An emerging body of research suggests that many of the effects of ocean acidification on marine organisms and ecosystems will be variable and complex and will affect different species in different ways. Evidence from naturally acidified locations confirms, however, that although some species may benefit, biological communities under acidified seawater conditions are less diverse and calcifying (calcium-reliant) species absent.

Many questions remain regarding the biological and biogeochemical consequences of ocean acidification for marine biodiversity and ecosystems, and the impacts of these changes on oceanic ecosystems and the services they provide, for example, in fisheries, coastal protection, tourism, carbon sequestration and climate regulation.

Launched at the Earth Summit in Rio de Janeiro in 1992, the Convention on Biological Diversity is an international treaty for the conservation and sustainable use of biodiversity and the equitable sharing of the benefits from the utilization of genetic resources. The headquarters of the Secretariat of the Convention is located in Montreal.

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"This is an increase 100 times faster than any change in acidity experienced in the marine environment over the last 20 million years, giving little time for evolutionary adaptation within biological systems"

This says it all. Goodbye seafood if we don't radically change our energy consumption patterns.

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Could Increase by 150% by 2050...

LOL!!! Once again the key word "could" is thrown in (X years from now when proved wrong: "Look, you HATER, we said could... not WILL.") as well as some date so far off that it truly is a completely meaningless statement.

Who, exactly is FUNDING this "science?" What kinds of extreme profits/wages/retirement plans are being raked in by "studying" these issues and coming up with the "correct" result?

We need to take DRASTIC measures - MASSIVE tax increases and draconian loss of freedom because "The fact is that we can't account for the lack of warming at the moment and it is a travesty that we can't.... " - Kevin Trenberth, one of the leading authors of the IPCC report on climate change.

Science... LOL!!! Follow the \$

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Again, who is funding the Goracle, stan peterson? Exxon Mobile, OPEC ?

Treehugger: Probbly the same peopel who're funding the IPCC's lobby groups. That would be Exxon-Mobil, Shell Oil, the WWF, the DOE, a myriad of investment companies, several investment banks, etc. You know, everyone who has a financial interest in screwing everyone else.

Who's funding YOU?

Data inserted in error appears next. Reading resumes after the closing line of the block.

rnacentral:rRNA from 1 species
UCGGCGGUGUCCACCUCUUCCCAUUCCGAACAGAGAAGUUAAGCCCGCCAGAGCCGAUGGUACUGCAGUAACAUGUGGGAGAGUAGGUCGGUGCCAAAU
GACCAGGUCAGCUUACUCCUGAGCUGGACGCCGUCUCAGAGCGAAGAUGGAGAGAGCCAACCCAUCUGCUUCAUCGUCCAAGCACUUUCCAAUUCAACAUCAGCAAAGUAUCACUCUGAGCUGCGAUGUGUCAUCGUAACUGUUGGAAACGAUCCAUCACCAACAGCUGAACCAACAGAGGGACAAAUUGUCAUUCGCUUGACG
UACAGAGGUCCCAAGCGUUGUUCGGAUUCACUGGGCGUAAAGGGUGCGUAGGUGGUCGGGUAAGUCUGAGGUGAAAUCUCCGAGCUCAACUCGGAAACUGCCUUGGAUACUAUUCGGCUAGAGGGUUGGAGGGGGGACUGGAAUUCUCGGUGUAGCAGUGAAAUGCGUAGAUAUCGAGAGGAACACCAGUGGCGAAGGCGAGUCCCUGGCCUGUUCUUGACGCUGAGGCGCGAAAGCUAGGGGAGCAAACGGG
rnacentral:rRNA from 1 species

As for this study, I have a question... I thought CO2 levels were going to rise exponentially when the supposed warming heated up the oceans so they released more CO2? Now they're absorbing it instead? WTF? Which is it? You can't have both.

Wake up and smell the malarky, people. This isn't about the environment, it's about MONEY. Why do you think all your precious climate change activist groups are being shut out of the talks at COP15? Because it's the BANKERS and BUSINESS who are running the show, and NOT concern for nature and the environment.

Once again I ask: when are we going to stop playing around with this stupid CO2 distraction and start talking about REAL environmental problems?

Indeed, Goracle is just a mouthpiece for the carbon-lobby PR firms' talking points.

And the aggressive ignorance from the likes of Aaron Turpen doesn't help.

Collapse of ocean food chains may turn out to be the most catastrophic consequence of AGW. How many millions of humans depend on sea life for employment and/or food? I fear it's a grim world we are creating. Care for some jellyfish salad?

Like SciAm, Climate Progress, NY Times, etc., too many people are reading GCC. The quality of its posts and historical level of discussion means it has become a target.

The approach is obvious, if unable to debate the facts intelligently, then shout it down.

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jcwinnie, You make VERY good points. The standard discussion of the Globalwarmists is to shout "the science is settled" then refuse to discuss the so-called science. "Science" that is based on data that the "scientists" refuse to release (peer reviewed?!? Not if it's not released.)

Yes, a discussion needs to take place with regard to climate, why data is not released, why scientists break the law by refusing to comply with FOIA requests, etc. There also needs to be a real discussion with regard to POLLUTION, not this silly CO2 topic. Most everyone is against pollution and are for energy independence (although many are against energy independence if it means using our own energy in the form of coal, oil, or natural gas). Why do the Globalewarmists refuse to discuss the "science?" The discussion is always focused on what to do about "science" that has very little basis in fact - it is based on models that DO NOT match today's conditions.